Huntington, Archer Milton (1870-1955)

by Hadrien Rambach

Archer Huntington, the giant (6-foot-5) stepson of railroad magnate Collis P. Huntington, developed early an interest in the Hispanic culture – probably inspired by a journey to Mexico in his teenage years. In 1892, with a Yale professor, he went to Spain for the first time – the first of many such trips, notably to the Northern territories, the land in which El Cid is set, a poem which he annotated, translated and later published along with some of his own writings. Huntington also participated in archaeological digs, including the excavations of the ruins of Roman Italica near Seville in 1898. The railroad heir turned down the offer of a job in management, to pursue his passion rather than a business career.

Ardently setting out to assemble a collection from every period and every land where Spanish influence was felt, however remotely, Huntington travelled tirelessly all over the globe collecting coins, books, paintings, sculptures, glass, pottery and a whole host of other artifacts. The aim of this huge undertaking was to create a visual, encyclopedic and exciting testament to every period and aspect of Hispanic culture. This led him to establish New York’s Hispanic Society of America, a free museum and research library for the study of the arts and cultures of Spain, Portugal and Latin America. The numismatic component of his collections contained a staggering number of coins, spanning two and a half millennia from the pre-Roman Spanish indigenous period, the Roman imperial era, the Visigothic takeover, Umayyad Islamic Spain (for which he learned Arabic), the medieval ages, up to the empire of Ferdinand and Isabella and their royal successors. As a collector, he adhered strictly to the guidelines for purchasing coins outside Spain, having no interest in removing treasures from the country. Collis’s nephew, Henry E. Huntington and his wife (from 1913) spent over $21m (about £4m) in art from Duveen between 1908 and 1917: by comparison, the funds spent by Archer in coins was pocket-money.

Huntington donated land and subsidies for the construction of The American Numismatic Society’s first building, completed in 1908 on Audubon Terrace (off Broadway between 155th and 156th Streets), and financed the publication of its Numismatic Notes. In the process of assembling his collection, Huntington made many new acquaintances and crossed paths with many distinguished dealers and collectors: some invaluable documents on his purchase habits have been published by Sabine Bourgey, whose grandfather had been a major supplier of coins to Huntington. Though Huntington died in late 1955, he had already written in April 1907 that he was going to stop buying – a decision which he reaffirmed in November 1908 though his last purchase from Bourgey was in January 1913. From 1910 until his death, Huntington was Honorary President of The American Numismatic Society, and in 1946 he loaned the collection to the ANS. He then transferred its ownership to The Hispanic Society of America in 1949, but the coins remained stored at the ANS. After Huntington’s death, some 6,390 additional coins were discovered in his vault, which were added to the rest of the collection.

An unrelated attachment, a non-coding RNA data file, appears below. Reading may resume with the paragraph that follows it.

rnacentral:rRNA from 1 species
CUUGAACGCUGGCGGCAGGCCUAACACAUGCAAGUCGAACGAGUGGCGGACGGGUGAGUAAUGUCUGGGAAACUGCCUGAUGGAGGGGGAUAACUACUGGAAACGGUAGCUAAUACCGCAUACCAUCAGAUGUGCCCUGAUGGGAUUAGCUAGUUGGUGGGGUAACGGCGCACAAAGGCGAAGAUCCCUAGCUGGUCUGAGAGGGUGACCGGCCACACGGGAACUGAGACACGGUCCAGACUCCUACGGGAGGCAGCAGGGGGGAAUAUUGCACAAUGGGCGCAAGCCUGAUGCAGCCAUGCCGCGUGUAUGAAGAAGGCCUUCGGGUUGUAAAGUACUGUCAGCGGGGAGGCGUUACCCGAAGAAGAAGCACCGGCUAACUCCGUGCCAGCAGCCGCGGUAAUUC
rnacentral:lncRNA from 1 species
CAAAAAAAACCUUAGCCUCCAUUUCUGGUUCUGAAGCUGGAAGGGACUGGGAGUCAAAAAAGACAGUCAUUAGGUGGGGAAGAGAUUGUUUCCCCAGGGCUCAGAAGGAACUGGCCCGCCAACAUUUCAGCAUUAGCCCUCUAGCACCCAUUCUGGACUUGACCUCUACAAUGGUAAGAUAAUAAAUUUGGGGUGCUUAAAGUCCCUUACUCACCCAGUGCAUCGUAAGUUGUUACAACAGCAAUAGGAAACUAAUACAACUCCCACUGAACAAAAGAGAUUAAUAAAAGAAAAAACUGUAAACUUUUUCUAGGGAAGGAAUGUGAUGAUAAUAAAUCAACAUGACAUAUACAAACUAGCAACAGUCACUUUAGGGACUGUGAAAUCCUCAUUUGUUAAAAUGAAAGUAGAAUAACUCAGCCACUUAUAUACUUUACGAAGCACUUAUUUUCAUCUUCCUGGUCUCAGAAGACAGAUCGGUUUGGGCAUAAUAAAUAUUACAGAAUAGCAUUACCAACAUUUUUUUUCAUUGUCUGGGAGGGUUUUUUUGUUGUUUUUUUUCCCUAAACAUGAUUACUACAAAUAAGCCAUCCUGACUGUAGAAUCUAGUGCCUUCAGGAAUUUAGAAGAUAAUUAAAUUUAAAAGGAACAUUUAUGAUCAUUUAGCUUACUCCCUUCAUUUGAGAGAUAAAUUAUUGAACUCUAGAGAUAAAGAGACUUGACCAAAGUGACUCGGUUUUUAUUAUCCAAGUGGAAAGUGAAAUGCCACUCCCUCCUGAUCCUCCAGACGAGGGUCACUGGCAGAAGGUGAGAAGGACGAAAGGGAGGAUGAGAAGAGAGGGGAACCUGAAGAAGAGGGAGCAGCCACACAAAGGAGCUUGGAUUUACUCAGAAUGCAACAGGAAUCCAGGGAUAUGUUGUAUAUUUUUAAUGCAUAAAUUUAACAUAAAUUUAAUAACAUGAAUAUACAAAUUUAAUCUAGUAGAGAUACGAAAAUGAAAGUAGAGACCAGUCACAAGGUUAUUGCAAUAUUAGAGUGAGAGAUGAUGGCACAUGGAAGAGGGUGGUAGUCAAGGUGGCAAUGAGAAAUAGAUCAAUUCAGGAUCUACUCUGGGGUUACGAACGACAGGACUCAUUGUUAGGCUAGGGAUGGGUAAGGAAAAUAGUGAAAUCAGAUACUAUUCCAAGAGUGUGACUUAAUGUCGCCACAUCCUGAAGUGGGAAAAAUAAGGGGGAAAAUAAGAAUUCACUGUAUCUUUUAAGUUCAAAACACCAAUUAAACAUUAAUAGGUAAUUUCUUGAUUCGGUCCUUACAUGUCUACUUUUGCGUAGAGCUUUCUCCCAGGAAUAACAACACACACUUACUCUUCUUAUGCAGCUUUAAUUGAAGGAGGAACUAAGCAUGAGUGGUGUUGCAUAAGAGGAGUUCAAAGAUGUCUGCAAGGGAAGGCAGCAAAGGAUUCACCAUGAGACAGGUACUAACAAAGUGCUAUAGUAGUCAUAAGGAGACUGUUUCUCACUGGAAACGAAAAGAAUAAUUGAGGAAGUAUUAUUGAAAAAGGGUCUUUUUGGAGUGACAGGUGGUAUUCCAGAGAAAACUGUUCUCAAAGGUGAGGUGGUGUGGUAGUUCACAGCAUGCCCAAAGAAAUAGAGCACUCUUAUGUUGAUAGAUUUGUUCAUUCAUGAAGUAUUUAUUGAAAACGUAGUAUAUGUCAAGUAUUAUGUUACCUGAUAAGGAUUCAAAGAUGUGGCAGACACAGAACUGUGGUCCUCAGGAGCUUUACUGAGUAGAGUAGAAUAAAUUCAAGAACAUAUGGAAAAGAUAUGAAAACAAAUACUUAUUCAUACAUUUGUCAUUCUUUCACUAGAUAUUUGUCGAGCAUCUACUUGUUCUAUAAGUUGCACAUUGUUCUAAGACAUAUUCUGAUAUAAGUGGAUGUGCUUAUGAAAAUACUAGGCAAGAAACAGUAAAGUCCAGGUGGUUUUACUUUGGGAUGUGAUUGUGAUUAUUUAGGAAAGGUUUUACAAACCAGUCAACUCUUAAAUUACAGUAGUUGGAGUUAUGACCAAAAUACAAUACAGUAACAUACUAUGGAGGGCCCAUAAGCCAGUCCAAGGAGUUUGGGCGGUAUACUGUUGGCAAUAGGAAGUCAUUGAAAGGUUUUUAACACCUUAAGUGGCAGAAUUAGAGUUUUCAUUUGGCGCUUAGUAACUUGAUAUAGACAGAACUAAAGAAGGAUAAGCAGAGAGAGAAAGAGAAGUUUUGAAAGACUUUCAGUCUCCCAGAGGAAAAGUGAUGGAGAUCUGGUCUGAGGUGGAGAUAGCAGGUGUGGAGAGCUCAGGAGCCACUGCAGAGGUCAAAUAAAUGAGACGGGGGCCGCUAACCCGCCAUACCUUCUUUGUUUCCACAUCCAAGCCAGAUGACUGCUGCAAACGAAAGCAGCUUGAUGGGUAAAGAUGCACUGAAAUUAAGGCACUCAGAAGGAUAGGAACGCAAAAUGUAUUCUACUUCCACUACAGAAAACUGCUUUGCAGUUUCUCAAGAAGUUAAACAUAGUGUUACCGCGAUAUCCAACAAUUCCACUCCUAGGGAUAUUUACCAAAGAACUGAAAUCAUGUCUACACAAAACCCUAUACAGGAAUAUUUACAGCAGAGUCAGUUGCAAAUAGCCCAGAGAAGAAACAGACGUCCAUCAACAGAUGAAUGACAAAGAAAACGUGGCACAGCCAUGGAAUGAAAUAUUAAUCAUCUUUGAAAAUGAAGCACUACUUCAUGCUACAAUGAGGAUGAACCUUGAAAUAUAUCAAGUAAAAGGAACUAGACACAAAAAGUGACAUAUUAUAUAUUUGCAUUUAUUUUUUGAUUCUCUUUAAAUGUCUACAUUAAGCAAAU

In 2012 and 2013 Numismatica Ars Classica auctioned off the Roman gold coins from the Huntington collection.

Despite having been preserved in a museum for over fifty years, because of restrictions imposed by The Hispanic Society of America, the Huntington collection has been little studied (and especially not its formation), with very few scholars being allowed to work on the coins. The collection was stored at the American Numismatic Society, which gave access to the coins for scholars, but the H.S.A. decided to deaccession these 37,895 coins on 23 January 2008, and the A.N.S. did not succeed to invalidate this decision. The group was sold en bloc in a single-lot sealed-bid auction by Sotheby’s (New York) on 8 March 2012, for a price rumoured to be in the region of 25 to 30 million dollars. The Roman gold coins were re-offered at auction, in two sales by Numismatica Ars Classica (Zurich): their auction 67 (on 17 October 2012) and their auction 71 (on 16 May 2013).


  • Meryle Secrest, Duveen. A life in art, New York 2004, p. 120; M. Bendala, J. Maier, C. del Alamo, S. Celestino and L. Prados, “Archer M. Huntington y la arqueología Española”, in Arqueología, coleccionismo y antigüedad. España e Italia en el Siglo XIX, Sevilla 2006, pp. 65-81; Robert Hoge, Andrew Meadows and Ute Wartenberg Kagan, “‘Truth and Plain Dealing’: the fate of the Archer Huntington collection of Spanish coinage”, in ANS Magazine (Winter 2008), pp. 22-30; Sabine Bourgey, Sous le signe du métal. Histoire d’une famille du marché de l’art, Paris 2011, pp. 116-125.
  • Hadrien Rambach, “Provenance glossary”, in Numismatica Ars Classica, Auction 91: the George W. La Borde collection of Roman aurei – part I, Zurich, 23 May 2016, pp. [67]-[79].
  • Hadrien Rambach, “Provenance glossary”, in Numismatica Ars Classica, Auction 99: the George W. La Borde collection of Roman aurei – part II, Zurich, 29 May 2017, pp. 47-63.
  • Hadrien Rambach, “Provenance glossary”, in Numismatica Ars Classica, Auction 105: the George W. La Borde collection of Roman aurei – part III, Zurich, 9 May 2018, pp. 82-105.


This article was first published in a catalogue of auction house Numismatica Ars Classica.